We want a plane that is divided into faces that are roughly square. First start by switching to Edit mode (with the image plane selected hit Tab). Next we want to switch to #dge selection mode. The three buttons should be in the bottom tool bar of the 3D View. The center one is Edge select.
My image of Mona Lisa is roughly 2 by 3 so I subdivided it vertical once and horizontally twice to get 2 columns and 3 rows. To create vertical subdivisions select the top and bottom edges and press "W". Choose subdivide. You can set the number of cuts in the subdivide section of the tool palette (Press "T" to toggle visibility). To create horizontal subdivisions do the same after selecting the left right and any other vertical edges you just created.
Once you have some large roughly square faces select all edges (press "A") and subdivide again (press "W"). This time max out the number of subdivisions by changing the number of cuts to 10.
One last step before we move on to modifiers. We need to give the plane a little thickness. While keeping all edges selected press "E" to extrude. Then press ".5" to extrude it half a millimeter. This will be our base thickness.
You can now exit edit mode (press Tab).
Step 4: Add the Modifiers
The last step before export is to displace the mesh so that the color values represent the thickness. I turn off texture mode for this step so it is easier to see bumps. You should now be in Object mode (press Tab to toggle).
We will add two modifiers: Multiresolution and Displace.
Click "Add modifier" and choose Multiresolution. This modifiers. will add even more faces to our mesh to get a more smooth transitions between levels. It also tends to round corners. There are several ways to deal with this but the easiest would be to subdivide the model even more before applying this modifier.
At first it does nothing but if you click the subdivide function in the modifiers panel it will add more faces.
Next click "Add modifier" again and choose Displace. This is the heart of the lithophane. Now we need to set some settings in the modifier.
In the Displace properties set the properties as followed:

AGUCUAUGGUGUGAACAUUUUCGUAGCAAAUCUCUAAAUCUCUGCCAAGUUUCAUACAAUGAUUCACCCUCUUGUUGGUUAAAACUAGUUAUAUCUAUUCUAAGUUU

- Texture: click the checkered grid to choose the texture that is named after the image you used to create the plane.
- Direction: choose Z as we want it to displace straight up only.
- Texture Coordinates: choose UV this will use the image as it is applied to the plane.
Your lithophane should now have a relief version of your image. If you flip it over however you will notice it is also making the bottom displace as well. Let go back into edit mode to fix this.
In order to stop the bottom from being affected by the Displace modifier we need to use Vertex groups. The Vertex Group panel is next to the Modifier Panel and looks like a triangle with 3 dots at the corner.
In the 3D view select the plane and go into Edit mode (press Tab). Make sure you are in vertex selection instead of edge selection. Press "Z" to go to wireframe mode. This makes selection easier. Next switch to front view (go to View > Front in the toolbar at the bottom of the 3D view).
Make sure everything is deselected (toggle pressing "A") To select just the top you can press "B" for box selection mode and draw a box that include the top vertices but not the bottom. Once you are sure you have just the top, go to the Vertex Group panel, press the plus sign to create a new group and press Assign to add these vertices. You should now have a Group called "Group".
Returning to the Modifiers panel you can now choose the vertex group in the Displace options and set it to your new Vertex Group. If everything worked the bottom should now look nice and smooth.
Two more settings
- Midlevel: This is the grey level that is considered the midpoint of the displace values. I set mine to 1.0 which is the equivalent of white.
- Strength: The strength is how much to displace the mesh in total. I wanted 16 0.1mm levels so I set this to 1.6.
You should be done. You can export your model as an STL and print!